What is the Deceased Donor Waiting List for Kidney Transplant?
One option that the Pediatric Kidney Transplant Program team at Cincinnati Children's Hospital Medical Center considers is a deceased donor.
A deceased donor is a person who has died and been identified as an organ donor. This makes transplantation possible for many people who do not have a suitable living donor.
Kidney Waiting List
Your child is not automatically placed on the transplant waiting list at the time they develop end-stage renal disease. First, you and your child need to have a pre-transplant evaluation set up by the transplant team.
Once the evaluation is complete and approved by the team, your child is considered ready for transplant. Until then, your child may need to start or continue dialysis treatment.
Your child is then placed on the waiting list, a nationally computerized list kept by the United Network for Organ Sharing (UNOS). The transplant team will let you know when your child is placed, or "activated," on the list.
Assigning Donor Kidneys
Although there is a national waiting list, most donor kidneys are shared within their local region, depending on how good the donor match is to the person waiting for a kidney.
If the kidney is a perfect match with a person on the national list, however, it is offered to that person no matter where they are located.
Because a successful kidney transplant can have a large impact on growth and development, it is a national priority to transplant pediatric patients.
Many factors are considered each time a kidney becomes available such as:
- Blood type
- Tissue type
- Length of time on the waiting list
- Age of the recipient
Length of Wait Time for a Transplant
There is no way to predict how long your child will wait for a new kidney from a deceased donor. The waiting time can be several months to years and depends on:
- How common your child's blood type and tissue type are
- Availability of donor kidneys
- Whether your child has antibodies against foreign tissue in their blood
- Age at the time of listing. Children listed before turning 18 years old get special consideration.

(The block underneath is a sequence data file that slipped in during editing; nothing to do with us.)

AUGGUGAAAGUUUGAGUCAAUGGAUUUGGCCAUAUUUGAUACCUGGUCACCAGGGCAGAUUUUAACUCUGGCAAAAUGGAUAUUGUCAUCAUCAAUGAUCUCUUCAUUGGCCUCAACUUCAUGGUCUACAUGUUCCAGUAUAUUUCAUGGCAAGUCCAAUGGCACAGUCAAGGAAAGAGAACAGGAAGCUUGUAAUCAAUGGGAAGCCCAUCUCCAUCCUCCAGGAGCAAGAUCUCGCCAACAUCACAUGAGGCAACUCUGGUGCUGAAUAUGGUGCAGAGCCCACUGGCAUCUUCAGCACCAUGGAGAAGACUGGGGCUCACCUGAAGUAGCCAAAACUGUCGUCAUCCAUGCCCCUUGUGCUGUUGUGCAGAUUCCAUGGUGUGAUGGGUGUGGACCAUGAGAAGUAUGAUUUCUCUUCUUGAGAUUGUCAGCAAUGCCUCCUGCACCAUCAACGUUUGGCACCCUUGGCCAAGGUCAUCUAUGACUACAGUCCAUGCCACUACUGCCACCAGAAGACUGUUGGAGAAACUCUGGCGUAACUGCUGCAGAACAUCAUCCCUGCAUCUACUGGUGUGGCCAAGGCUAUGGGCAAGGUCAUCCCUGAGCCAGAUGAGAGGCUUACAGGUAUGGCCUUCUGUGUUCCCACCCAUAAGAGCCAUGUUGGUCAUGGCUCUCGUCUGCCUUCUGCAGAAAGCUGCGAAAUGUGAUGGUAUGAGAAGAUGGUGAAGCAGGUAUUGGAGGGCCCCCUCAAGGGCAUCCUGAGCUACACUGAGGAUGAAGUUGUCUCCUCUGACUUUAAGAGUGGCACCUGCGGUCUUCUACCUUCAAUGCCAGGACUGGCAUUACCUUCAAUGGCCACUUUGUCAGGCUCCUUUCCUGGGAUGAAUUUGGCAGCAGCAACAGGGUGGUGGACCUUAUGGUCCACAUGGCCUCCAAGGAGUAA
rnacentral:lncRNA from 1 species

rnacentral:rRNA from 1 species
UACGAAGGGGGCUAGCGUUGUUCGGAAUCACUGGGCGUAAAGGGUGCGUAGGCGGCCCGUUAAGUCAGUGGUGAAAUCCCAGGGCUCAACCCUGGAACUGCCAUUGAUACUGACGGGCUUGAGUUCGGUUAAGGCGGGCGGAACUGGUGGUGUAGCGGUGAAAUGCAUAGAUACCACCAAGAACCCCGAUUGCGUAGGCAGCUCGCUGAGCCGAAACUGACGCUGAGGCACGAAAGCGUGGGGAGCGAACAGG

Listing at Multiple Centers
You can have your child listed for deceased donor kidney transplantation at multiple centers. While this may improve the chances of getting a kidney, it can also complicate your child's care before or after receiving a transplant.
In the Meantime
The most important thing your child can do while waiting for a kidney is to stay as healthy as possible. This will give your child the best chance for a successful transplant outcome. You should follow your child’s dialysis schedule, diet and fluid restrictions, and make sure your child takes their medicines as prescribed.
Living Out of Town
It is very important that you keep in regular contact with the transplant coordinator, letting them know about any changes in your child's medical condition, such as illness or hospitalization. This may impact your child's ability to undergo transplant surgery.
Matched Kidney Contact Information
Because a deceased donor kidney can become available at any time, it is essential that the transplant team is able to reach you 24 hours a day. If you do not have a pager or cell phone of your own, we can usually provide you a transplant pager for this purpose.
It may also be helpful to have telephone numbers of family members or friends who know where you are. It is very important that you keep your transplant coordinator informed of things such as changes in your phone number, plans to be away on vacation, etc., so that you do not risk missing the call for a kidney.
Since there is a time limit to how long the kidney can be stored in a special solution once it has been removed from the donor, you will need to come to the hospital as soon as you have been told that a kidney is available for your child.
Arrival at the Hospital
Once your child is admitted, they will have a thorough physical exam to ensure there is no active illness. An illness could put your child at risk for surgery or anesthesia.
Your child will also have blood tests, and a final crossmatch is done between your child and the donor. The crossmatch tells us whether your child has antibodies that may react against the donor. A negative crossmatch (no reaction) is necessary to proceed.
These test results will take several hours. In the meantime, your child will receive dialysis, if necessary. If there are problems with any of these test results, the transplant may be canceled. If not, the transplant surgery will proceed once the operating room and surgical team are ready.